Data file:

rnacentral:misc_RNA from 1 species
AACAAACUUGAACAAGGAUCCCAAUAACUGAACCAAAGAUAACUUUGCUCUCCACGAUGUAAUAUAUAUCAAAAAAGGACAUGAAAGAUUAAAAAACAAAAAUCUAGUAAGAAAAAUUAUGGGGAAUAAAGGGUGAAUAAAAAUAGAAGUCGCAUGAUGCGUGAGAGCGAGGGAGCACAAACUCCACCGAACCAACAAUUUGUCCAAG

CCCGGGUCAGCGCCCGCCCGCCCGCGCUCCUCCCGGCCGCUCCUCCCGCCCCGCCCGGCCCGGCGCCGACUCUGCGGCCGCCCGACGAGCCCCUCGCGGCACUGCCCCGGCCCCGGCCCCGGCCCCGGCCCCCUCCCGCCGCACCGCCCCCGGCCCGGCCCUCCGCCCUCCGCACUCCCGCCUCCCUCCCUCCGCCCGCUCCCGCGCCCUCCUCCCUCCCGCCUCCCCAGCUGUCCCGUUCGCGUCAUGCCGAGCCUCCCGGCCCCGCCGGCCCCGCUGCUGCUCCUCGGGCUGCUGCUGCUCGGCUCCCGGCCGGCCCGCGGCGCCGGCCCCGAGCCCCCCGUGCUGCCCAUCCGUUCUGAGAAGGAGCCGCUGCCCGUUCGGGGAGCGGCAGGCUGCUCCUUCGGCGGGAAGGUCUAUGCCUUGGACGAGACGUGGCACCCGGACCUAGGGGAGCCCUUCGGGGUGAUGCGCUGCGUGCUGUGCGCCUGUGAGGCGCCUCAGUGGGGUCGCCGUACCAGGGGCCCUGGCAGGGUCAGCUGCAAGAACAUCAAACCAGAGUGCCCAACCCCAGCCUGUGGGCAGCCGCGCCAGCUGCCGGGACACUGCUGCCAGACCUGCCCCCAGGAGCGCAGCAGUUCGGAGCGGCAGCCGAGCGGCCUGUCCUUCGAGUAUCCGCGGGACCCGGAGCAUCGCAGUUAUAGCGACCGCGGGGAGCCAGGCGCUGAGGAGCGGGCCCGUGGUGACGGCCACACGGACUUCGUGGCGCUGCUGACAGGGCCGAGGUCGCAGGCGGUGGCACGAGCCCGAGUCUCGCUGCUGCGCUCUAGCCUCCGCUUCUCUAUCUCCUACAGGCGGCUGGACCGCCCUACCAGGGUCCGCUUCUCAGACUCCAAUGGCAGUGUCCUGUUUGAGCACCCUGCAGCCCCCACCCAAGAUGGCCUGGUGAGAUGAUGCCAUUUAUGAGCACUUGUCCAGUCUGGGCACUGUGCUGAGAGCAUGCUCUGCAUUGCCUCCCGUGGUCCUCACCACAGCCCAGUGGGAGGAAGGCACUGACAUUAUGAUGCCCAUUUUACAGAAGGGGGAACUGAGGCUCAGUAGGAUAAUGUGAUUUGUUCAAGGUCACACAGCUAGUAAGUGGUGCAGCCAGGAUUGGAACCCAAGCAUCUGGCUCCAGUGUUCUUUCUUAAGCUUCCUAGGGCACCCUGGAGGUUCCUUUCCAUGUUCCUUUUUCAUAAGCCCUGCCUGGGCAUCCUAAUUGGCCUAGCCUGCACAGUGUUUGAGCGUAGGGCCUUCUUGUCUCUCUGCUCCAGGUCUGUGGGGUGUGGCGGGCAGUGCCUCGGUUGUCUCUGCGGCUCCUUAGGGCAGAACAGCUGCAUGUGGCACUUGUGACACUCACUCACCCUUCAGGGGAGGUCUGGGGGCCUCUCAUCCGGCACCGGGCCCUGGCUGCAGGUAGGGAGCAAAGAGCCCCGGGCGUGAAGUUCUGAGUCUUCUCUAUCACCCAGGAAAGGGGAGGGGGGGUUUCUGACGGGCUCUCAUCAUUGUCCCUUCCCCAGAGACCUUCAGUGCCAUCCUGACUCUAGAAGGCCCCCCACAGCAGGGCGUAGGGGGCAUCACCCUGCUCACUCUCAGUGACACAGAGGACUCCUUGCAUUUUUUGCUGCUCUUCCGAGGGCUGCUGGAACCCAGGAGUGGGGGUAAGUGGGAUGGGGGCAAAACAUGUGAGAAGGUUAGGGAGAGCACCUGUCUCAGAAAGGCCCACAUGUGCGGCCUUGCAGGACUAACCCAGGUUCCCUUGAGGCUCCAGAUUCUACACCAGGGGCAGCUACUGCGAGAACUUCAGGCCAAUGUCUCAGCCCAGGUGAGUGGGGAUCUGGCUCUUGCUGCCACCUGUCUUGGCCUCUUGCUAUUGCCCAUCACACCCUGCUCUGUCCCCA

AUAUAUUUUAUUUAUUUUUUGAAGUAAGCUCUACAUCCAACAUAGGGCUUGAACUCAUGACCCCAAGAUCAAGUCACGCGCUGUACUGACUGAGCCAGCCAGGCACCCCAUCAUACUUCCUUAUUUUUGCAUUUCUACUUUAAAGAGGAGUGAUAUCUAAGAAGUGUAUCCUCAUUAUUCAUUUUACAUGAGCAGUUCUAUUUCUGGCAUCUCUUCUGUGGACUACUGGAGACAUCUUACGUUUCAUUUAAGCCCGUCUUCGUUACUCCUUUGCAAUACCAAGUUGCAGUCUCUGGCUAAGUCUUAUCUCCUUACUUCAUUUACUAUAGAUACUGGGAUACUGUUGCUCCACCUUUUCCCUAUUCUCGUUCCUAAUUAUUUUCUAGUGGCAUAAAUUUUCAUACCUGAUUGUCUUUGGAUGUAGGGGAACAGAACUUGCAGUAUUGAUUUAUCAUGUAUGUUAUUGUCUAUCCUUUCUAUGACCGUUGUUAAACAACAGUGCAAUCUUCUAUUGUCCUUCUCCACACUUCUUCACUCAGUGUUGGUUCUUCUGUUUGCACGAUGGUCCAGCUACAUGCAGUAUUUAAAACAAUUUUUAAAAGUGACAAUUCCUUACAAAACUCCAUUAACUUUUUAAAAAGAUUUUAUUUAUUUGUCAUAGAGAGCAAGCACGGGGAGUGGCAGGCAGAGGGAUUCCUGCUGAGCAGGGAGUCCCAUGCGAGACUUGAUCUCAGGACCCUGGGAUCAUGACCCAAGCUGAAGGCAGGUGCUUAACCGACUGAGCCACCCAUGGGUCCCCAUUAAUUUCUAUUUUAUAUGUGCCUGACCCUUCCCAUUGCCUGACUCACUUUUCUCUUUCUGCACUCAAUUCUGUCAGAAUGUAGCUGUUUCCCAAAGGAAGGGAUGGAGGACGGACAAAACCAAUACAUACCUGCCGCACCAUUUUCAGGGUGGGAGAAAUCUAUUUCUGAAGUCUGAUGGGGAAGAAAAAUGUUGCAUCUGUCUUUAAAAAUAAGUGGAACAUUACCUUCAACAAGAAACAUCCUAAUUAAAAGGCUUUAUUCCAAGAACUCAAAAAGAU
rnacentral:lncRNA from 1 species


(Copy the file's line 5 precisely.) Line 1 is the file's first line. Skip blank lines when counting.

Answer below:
rnacentral:lncRNA from 1 species